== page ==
Because nitro coffee contains even more caffeine than traditional coffee, you are increasing your risks of experiencing these side effects when you drink it. Everybody handles caffeine differently, so monitor your bodily responses in order to access an appropriate caffeine intake for you.

2. Can Increase Anxiety Levels

Caffeine has the power to alter your mood and physiology, impacting your hormones, nerve signaling, muscles and neurotransmitters. Many people work long, tiring days, and they use coffee to mask fatigue and exhaustion. What they really need is some rest and time to reboot.

When we use caffeine to keep us going, even though our bodies are worn out, this can lead to anxiety symptoms and even heart problems.

How to Make Your Own

Nitro coffee can be made at home in a few different ways, depending on your budget and desired level of complexity. Here are the main methods:

1. Using a Cream Whipper:

  • This is the easiest and most affordable method, but it only produces small batches at a time.
  • You’ll need a high-quality cream whipper, cold brew coffee and nitrous oxide cartridges.
  • Combine the cold brew with ice in the whipper, charge it with one cartridge, shake vigorously for 30 seconds and then dispense into a glass.

2. Using a Nitro Press:

  • This method requires a specialized device called a nitro press, which can be quite expensive.
  • However, it’s easier to use than a cream whipper and produces larger quantities of nitro coffee.
  • You’ll simply need to add cold brew coffee to the press, charge it with nitrogen and then dispense.

3. Using a Keg System:

  • This is the most advanced and expensive method, but it produces the best results in terms of taste and texture.
  • You’ll need a home kegging system, nitrogen tank and cold brew coffee.
  • The process involves chilling and carbonating the cold brew with nitrogen before dispensing.

Here’s a simple guide for one way to make it at home:


  • Coarsely ground coffee beans (ideally a medium or dark roast)
  • Cold water
  • Airtight container or pitcher
  • Nitrogen gas charger or nitro coffee system
  • Fine mesh strainer or coffee filter
  • Keg or another container for dispensing


  1. Cold Brew Coffee: Combine coarsely ground coffee beans and cold water in a ratio of about 1:4 (1 cup of coffee to 4 cups of water). Stir well to ensure all coffee grounds are saturated. Cover the container or pitcher and refrigerate for at least 12–24 hours. The longer you steep, the stronger the coffee will be.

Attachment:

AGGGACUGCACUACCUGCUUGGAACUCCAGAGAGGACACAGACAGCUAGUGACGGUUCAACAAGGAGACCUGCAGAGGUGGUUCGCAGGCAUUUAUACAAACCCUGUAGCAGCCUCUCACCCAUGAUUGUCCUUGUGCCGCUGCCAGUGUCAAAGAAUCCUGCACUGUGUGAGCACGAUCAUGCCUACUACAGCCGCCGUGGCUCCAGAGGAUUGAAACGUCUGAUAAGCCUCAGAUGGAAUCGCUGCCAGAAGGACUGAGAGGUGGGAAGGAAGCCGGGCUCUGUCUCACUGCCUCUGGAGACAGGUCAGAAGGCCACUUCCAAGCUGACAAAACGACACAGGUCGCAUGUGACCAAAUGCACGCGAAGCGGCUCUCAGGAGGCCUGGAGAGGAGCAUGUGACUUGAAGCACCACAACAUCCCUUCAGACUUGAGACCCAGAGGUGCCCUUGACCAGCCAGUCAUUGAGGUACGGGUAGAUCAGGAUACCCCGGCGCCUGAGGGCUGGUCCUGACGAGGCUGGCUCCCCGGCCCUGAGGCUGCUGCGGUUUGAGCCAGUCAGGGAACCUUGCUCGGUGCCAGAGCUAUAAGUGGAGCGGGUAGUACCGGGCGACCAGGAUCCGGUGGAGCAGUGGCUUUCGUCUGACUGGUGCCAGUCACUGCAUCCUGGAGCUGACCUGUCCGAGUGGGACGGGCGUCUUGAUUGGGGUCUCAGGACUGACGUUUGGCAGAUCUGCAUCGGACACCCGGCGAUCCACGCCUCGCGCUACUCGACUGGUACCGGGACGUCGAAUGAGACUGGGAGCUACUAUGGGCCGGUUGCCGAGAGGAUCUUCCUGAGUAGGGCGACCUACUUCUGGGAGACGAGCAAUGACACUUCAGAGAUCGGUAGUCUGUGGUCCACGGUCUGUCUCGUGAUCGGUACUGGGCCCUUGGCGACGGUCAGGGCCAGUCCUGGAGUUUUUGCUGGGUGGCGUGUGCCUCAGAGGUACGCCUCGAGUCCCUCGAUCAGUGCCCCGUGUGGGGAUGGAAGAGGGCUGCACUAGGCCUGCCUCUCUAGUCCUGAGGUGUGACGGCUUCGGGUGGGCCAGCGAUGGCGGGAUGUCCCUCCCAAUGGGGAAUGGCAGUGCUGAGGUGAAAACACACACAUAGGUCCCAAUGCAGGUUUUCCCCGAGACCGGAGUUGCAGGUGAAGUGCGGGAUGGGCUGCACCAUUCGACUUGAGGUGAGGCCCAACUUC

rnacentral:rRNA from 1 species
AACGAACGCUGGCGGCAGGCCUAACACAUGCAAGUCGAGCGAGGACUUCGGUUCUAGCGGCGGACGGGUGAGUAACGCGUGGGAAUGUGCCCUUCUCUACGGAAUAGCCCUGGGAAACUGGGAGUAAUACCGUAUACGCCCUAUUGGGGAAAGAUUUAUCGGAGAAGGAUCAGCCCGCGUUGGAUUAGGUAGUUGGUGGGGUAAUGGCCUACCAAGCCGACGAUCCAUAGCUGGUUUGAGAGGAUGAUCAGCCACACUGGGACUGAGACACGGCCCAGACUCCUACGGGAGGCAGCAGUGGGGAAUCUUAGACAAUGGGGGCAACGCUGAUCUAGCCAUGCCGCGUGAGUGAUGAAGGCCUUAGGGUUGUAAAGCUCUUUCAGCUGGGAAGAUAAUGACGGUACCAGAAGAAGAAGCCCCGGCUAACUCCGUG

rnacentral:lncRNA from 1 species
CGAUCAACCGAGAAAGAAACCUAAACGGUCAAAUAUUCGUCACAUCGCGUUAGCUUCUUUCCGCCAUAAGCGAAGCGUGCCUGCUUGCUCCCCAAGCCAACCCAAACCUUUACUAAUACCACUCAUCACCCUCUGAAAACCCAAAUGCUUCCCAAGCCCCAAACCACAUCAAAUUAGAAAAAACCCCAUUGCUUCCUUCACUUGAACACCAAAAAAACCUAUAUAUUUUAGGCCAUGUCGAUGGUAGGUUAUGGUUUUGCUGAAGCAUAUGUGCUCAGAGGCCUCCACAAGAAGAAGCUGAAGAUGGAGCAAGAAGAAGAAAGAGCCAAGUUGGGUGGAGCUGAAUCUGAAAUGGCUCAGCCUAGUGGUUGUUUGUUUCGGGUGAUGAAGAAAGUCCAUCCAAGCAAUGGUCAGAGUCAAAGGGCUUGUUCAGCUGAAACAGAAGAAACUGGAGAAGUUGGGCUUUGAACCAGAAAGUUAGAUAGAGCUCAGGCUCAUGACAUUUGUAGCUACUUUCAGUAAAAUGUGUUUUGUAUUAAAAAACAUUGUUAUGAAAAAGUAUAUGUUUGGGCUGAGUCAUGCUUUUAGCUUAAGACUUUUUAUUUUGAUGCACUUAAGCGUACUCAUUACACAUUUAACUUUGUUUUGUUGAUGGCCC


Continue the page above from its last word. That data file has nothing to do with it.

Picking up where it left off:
2. Strain the Coffee: After steeping, strain the coffee to remove the grounds. You can use a fine mesh strainer, cheesecloth or a coffee filter. Strain the coffee into a clean container or directly into a keg if you have one.
  3. Nitrogen Infusion: Transfer the cold brew coffee into a keg if you’re using one. Make sure the keg is clean and sanitized. Charge the keg with nitrogen gas according to the manufacturer’s instructions. If you don’t have a keg, you can use a nitro coffee system or a whipped cream dispenser with nitrogen chargers.
  4. Infusion Time: Allow the coffee to infuse with nitrogen for at least 24–48 hours. This allows the gas to dissolve into the coffee, creating that creamy texture.
  5. Serve: When ready to serve, dispense the nitro coffee into a glass, similar to pouring a draft beer. You’ll notice a cascading effect and the characteristic creamy head.

Remember, the key to a good nitro coffee is using quality beans, getting the right coffee-to-water ratio for your taste preferences and allowing sufficient time for nitrogen infusion. Adjust the recipe based on your preferences and the equipment you have available.

Final Thoughts

  • Coffee lovers continue to promote nitro coffee because of its taste and texture. It’s still coffee but with a new approach.
  • When you order a nitro coffee at a coffee bar, it comes in a fancy glass and feels like you are really indulging. Plus, the extra caffeine leaves you with a quick boost of energy.
  • The taste of nitro coffee is dependent on a few factors: the type and roast of the bean, how the beans are ground, and the temperature and purity of the water used in the brewing process. Every company does nitro coffee a little differently — using different beans, gas mixtures, pressures and dilutions — so the taste and texture won’t always be the same.
  • Cold brew coffee is the base used for nitro coffee, which requires a 16-hour period or more to brew versus the few minutes it takes for hot coffee. This typically makes the coffee more potent, which explains why nitro coffee drinkers get that coffee buzz faster than after a cup of hot coffee. It also goes down easily because it’s cold, creamy and sweet.